Usually there is no need to bring a whole suitcase of cash with you because local lenders such as chartered banks and credit unions will be able to finance your subject of purchase to credit approval. However, if you do not work in Canada, financial institutions may require a cash down payment of at least 25 per cent. Depending on the location where you want to move, you may need to provide a letter of introduction from your banking facility in your own home country, and also, your previous income in the home country will be verified. To get more information on how to begin a partnership with a Canadian financial institution, we recommend visiting the Citizenship & Immigration website.
It’s also important to mention that any lending institution in British Columbia will require insurance for the property you’re going to buy. Both “Fire Insurance” and “Title Insurance” are required. The survey that shows whether there are any issues with the location of the building affecting the title costs from $300 to $500, but many banks are willing to accept an existing survey if it’s not too old.
Foreign Investors in Canadian Real Estate
New Home by Pnwra
If you will be purchasing a commercial property or a brand new home (rather than a resale home), GST registration may be required.
Any investor who is buying Canadian property exclusively for an investment purpose and who has no plans to live in this property but hopes to sell it in the future for a substantial financial gain would be wise to contact an experienced accountant about all the issues that may be related.
Furthermore, every individual municipality levies an annual property tax, the value of which is set as of July 1st every year and is meant to represent current market value as of that date. If citizens think that their assessment is too high, they may appeal, and municipalities then determine the rate of property tax to be levied based on this assessed value.
In addition, non-resident sellers should be informed about the following tax obligations:
- Non-residents are required to have 25 per cent of the gross rental income of the property paid and remitted monthly to the Receiver General for Canada within fifteen days of each month-end, either by the tenant or it is possible for the non-resident to elect a property manager who will then become responsible for filing the Canadian income tax returns and is exempt from the withholding requirements. Any failure to pay this tax and to file a tax return can result in hard penalties.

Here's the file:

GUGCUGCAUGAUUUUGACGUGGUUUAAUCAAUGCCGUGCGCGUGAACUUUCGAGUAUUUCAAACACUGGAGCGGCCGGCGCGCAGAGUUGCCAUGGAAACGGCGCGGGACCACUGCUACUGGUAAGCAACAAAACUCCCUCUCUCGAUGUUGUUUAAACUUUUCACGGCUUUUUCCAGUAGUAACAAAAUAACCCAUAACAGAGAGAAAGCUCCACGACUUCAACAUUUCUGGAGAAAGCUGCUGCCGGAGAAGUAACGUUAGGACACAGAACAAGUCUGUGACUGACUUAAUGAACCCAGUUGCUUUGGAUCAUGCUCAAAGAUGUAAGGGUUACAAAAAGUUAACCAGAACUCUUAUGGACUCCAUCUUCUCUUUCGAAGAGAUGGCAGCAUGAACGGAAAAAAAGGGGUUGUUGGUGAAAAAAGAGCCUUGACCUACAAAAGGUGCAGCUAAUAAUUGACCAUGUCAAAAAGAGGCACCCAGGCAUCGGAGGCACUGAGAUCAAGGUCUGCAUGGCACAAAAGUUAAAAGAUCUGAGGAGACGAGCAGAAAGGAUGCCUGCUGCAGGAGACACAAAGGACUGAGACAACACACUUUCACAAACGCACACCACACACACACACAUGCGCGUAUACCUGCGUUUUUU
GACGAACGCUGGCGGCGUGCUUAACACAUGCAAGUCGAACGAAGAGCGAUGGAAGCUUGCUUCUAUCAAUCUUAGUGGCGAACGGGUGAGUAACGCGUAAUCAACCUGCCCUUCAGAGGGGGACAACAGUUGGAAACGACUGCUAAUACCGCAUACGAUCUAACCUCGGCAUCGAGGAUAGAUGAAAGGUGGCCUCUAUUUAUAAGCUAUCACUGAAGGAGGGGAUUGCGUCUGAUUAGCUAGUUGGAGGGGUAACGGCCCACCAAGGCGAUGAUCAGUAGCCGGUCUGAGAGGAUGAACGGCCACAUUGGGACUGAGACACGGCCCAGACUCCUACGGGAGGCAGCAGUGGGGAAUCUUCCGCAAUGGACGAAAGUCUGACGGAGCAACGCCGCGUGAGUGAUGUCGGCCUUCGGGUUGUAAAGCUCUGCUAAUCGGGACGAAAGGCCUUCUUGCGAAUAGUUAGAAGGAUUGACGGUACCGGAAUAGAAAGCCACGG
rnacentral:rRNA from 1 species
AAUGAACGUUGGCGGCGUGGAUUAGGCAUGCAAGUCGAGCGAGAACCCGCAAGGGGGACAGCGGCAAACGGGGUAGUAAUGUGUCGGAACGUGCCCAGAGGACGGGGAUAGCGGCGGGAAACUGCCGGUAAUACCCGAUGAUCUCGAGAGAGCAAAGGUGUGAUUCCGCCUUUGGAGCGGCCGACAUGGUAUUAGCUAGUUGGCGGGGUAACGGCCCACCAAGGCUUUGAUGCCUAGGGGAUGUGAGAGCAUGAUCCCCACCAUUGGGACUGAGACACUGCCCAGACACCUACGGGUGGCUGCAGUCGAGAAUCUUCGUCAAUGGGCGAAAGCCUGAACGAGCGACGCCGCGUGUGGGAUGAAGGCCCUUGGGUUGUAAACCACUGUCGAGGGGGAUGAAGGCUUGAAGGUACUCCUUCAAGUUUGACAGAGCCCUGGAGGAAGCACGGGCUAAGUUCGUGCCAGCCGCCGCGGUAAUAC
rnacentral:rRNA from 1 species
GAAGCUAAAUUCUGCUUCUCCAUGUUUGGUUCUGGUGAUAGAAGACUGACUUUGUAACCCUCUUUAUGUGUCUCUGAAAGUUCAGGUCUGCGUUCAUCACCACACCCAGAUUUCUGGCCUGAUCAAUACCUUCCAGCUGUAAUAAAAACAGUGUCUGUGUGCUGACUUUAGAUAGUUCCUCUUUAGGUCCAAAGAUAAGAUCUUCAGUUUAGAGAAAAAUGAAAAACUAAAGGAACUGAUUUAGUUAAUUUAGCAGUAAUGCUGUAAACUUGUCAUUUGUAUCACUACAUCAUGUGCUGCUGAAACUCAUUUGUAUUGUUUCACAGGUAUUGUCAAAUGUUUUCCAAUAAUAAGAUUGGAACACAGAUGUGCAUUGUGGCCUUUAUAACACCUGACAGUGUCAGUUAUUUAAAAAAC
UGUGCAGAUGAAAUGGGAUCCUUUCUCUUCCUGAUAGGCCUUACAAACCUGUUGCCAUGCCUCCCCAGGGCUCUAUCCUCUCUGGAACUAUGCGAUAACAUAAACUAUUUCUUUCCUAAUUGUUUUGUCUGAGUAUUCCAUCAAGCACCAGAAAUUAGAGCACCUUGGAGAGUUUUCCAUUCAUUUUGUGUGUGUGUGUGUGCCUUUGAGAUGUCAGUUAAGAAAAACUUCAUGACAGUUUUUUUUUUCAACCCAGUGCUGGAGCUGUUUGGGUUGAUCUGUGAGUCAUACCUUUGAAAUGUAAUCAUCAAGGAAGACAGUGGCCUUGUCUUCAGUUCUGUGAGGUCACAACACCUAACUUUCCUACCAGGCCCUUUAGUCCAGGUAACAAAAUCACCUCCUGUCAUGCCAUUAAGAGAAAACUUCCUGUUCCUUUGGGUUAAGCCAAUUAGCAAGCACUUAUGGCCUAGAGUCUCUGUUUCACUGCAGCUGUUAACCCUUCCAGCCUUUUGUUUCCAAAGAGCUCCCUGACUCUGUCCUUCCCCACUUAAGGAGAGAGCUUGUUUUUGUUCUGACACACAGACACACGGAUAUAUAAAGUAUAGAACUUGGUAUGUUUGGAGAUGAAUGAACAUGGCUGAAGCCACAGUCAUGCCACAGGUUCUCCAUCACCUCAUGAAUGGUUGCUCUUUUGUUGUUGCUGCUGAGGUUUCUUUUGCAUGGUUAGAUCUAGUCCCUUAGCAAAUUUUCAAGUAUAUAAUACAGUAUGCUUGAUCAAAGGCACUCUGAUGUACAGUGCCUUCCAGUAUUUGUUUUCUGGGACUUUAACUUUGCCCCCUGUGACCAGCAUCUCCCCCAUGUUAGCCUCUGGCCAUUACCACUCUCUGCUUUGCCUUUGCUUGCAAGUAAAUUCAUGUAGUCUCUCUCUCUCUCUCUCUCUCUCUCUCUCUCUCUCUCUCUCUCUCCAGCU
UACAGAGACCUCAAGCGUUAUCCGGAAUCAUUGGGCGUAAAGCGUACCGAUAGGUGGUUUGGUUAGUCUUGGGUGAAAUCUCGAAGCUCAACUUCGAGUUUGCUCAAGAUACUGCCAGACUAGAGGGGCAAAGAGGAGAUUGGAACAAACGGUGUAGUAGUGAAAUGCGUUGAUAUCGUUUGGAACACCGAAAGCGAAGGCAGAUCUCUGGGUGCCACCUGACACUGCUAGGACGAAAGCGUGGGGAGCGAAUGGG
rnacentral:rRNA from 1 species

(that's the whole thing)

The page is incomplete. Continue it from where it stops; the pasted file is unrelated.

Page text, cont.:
- A purchaser of a property from a non-resident is required by the Income Tax Act to withhold a certain portion of purchase amount and to remit it to the Canada Revenue Agency within 30 days of the end of the month in which the purchase occurred. The amount in question is set at half of the gross purchase price in the case of depreciable property, and if the property is non-depreciable then the amount is one quarter of the gross purchase price.
- Many significant complications can occur if you earn any income for the property in British Columbia (e.g. through a capital gain when you sell a property or rents during the period that you own the property). There may also be tax implications when a non-resident owner of a property dies or when one transfers a property to his or her relative or company although there was no money in question. It’s therefore recommended you check with the Canada Customs and Revenue Agency and your own taxation authorities.